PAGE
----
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"Hard is not hopeless." - General David Petraeus

Tuesday, June 21, 2011

Organizing Electronic Files of Your Novel in Progress

I don't know how most writers work.  For me, novel ideas have to roll around in my head for months and sometimes years.  And I work on them in spurts on my computer. I might do the initial brainstorming and save it in a file folder with that novel's name and the year. 

Then I'm likely to put it aside for months and years while I work on another project.  Then I brainstorm some more, save it in a file, put it aside for another project and so the rotation goes.

The end result is that I end up with a file on my computer filled with tons of different documents---various spurts of manuscript, different versions of chapters or scenes, research files, brainstorming sessions where I puzzle out the GMC of my characters, etc.  It makes for a LOT of files.

Now that wouldn't be so bad if you are working on that manuscript from start to finish with no breaks.  But when you take detours and come back to the material months later, you can no longer remember which version you'd settled on, which scenario you wanted to use, etc.  Even your brainstorming notes from months ago don't make much sense to you any more.

So you are left with heaps of files to go through, sort, and try to figure out what to keep and what to toss.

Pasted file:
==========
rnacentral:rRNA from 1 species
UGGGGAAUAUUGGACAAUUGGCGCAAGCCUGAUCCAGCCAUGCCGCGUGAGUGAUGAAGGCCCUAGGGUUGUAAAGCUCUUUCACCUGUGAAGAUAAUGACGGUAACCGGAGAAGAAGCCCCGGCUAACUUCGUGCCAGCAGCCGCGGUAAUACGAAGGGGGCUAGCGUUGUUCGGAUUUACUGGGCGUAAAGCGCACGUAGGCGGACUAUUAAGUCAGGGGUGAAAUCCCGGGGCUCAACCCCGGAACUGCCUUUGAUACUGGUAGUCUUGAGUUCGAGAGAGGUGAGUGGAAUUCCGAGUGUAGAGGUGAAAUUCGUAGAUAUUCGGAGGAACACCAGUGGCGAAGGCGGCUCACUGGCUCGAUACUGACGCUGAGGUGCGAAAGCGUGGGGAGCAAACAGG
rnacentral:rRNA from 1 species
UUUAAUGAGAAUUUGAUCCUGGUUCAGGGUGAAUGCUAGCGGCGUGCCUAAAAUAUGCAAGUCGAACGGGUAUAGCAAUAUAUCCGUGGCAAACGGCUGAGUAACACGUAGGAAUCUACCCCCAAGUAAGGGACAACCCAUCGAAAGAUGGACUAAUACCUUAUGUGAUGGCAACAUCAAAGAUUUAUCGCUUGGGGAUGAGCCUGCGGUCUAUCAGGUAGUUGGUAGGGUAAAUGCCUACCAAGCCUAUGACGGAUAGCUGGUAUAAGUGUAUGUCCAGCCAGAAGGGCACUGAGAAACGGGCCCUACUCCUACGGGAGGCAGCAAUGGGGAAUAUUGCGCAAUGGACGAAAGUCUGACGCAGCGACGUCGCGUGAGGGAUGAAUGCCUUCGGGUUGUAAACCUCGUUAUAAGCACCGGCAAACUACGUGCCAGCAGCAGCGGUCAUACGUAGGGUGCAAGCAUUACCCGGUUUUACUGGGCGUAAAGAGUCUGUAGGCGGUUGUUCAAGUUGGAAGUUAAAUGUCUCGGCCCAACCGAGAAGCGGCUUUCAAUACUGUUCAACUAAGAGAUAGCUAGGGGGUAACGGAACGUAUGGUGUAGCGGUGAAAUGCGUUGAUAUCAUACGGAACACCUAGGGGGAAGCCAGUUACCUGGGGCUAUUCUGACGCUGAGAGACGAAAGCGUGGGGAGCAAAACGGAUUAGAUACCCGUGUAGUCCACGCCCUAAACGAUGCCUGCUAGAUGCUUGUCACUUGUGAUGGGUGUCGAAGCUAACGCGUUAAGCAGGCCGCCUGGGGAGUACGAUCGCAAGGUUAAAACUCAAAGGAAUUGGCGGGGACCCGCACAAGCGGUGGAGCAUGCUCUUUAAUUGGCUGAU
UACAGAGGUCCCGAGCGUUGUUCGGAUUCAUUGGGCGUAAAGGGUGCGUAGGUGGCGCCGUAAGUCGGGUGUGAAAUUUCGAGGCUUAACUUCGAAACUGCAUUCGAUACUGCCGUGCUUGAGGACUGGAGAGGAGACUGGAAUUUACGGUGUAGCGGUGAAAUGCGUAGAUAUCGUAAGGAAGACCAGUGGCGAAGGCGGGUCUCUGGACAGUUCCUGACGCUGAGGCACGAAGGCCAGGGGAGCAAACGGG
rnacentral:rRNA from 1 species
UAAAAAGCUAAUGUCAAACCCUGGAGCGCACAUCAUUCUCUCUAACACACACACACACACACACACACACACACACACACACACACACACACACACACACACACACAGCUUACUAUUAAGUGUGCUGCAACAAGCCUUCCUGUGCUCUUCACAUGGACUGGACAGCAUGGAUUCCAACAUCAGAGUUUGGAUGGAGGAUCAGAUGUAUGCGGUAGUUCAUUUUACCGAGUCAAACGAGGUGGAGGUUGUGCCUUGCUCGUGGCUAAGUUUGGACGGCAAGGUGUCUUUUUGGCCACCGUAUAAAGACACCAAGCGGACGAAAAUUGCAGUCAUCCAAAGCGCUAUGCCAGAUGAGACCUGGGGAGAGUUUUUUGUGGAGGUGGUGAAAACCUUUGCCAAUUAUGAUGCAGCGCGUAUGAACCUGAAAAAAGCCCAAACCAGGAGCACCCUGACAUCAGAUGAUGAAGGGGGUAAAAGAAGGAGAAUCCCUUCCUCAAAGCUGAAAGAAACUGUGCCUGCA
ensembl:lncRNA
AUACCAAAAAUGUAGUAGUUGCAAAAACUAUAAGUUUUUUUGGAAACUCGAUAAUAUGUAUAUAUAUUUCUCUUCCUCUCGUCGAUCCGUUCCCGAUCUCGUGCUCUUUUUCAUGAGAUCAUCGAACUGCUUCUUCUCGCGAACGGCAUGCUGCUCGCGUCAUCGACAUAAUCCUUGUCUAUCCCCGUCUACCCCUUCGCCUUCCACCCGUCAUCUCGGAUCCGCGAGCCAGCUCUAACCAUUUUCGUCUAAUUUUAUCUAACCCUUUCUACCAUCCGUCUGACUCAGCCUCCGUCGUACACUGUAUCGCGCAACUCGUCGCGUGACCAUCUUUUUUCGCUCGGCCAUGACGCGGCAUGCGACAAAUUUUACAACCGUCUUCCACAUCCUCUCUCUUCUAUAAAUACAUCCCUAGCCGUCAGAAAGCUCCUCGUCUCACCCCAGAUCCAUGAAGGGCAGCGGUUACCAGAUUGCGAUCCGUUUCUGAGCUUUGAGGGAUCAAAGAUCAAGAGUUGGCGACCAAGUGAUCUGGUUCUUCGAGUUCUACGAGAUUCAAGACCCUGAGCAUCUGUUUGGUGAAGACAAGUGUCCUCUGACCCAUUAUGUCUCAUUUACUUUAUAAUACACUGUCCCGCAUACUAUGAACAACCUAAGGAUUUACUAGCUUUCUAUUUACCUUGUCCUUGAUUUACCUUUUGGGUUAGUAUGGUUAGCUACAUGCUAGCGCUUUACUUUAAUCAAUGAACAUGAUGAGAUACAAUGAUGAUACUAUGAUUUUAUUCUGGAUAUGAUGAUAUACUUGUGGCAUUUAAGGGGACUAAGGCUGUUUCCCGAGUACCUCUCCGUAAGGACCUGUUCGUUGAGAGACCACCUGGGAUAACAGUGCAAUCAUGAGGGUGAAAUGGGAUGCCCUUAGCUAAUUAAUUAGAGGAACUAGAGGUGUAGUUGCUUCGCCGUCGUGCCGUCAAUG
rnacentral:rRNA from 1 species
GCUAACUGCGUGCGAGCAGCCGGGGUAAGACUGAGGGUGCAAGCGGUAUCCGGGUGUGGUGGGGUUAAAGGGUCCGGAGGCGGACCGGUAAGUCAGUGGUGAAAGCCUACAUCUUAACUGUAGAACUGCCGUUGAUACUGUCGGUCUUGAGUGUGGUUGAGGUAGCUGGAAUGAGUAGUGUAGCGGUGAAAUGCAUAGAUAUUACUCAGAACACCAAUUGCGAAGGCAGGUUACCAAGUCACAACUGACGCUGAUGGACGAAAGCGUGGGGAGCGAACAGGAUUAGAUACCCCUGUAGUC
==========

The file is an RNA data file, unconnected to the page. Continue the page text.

I am going through this right now.  Last year, I completed what was novel #2 in a series. Now I am preparing to go through and get back to work on novel #1 in that series. And what a mess I came back to!  As if I had time to waste sorting and trying to organize all the material I'd compiled previously.

If this has happened to you and you found a solution for this problem, I'd love to hear from you.

I don't know if its the best solution, but I have decided that for 2011, once I sort and organize all the data, I am going to have only two files for this novel---one for actual manuscript in progress, the other file for all the brainstorming, research, and miscellaneous notes.

I can't think of any other way to keep it manageable.

If you have ideas or advice, please share!


Patricia PacJac Carroll said...

HI Brenda,
I go through this too. I usually date whatever I work on with the days date. Then I know that is the current version. Since I hate to throw away anything I have done I have an OLD file that all the older versions go into. This has helped me. Especially when working with more than one computer. I came up with this after I discovered I had 30 chapter 1's. : )
Hope that helps

Patti Shene said...

Yes Brenda, I'm right there with you! I finally solved the problem the same way you did. The whole mess is in one file, then my "final" is in another. Two files. Still have dozens lurking on my puter, though, and I back up files from my laptop to my desktop so I'm always having to figure out what is duplicate and what is not.

B.K. Jackson said...

Pac, thirty chapter ones! Whoa! That would be hard to sort!

Glad I'm not alone, Pat. We'll see how this method works for me this year.

I think one of my biggest problems is I "talk to myself" on paper/computer about my characters--and all that brainstorming has ended up in multiple files.

If I didn't have a chaotic brain I wouldn't have these problems. LOL!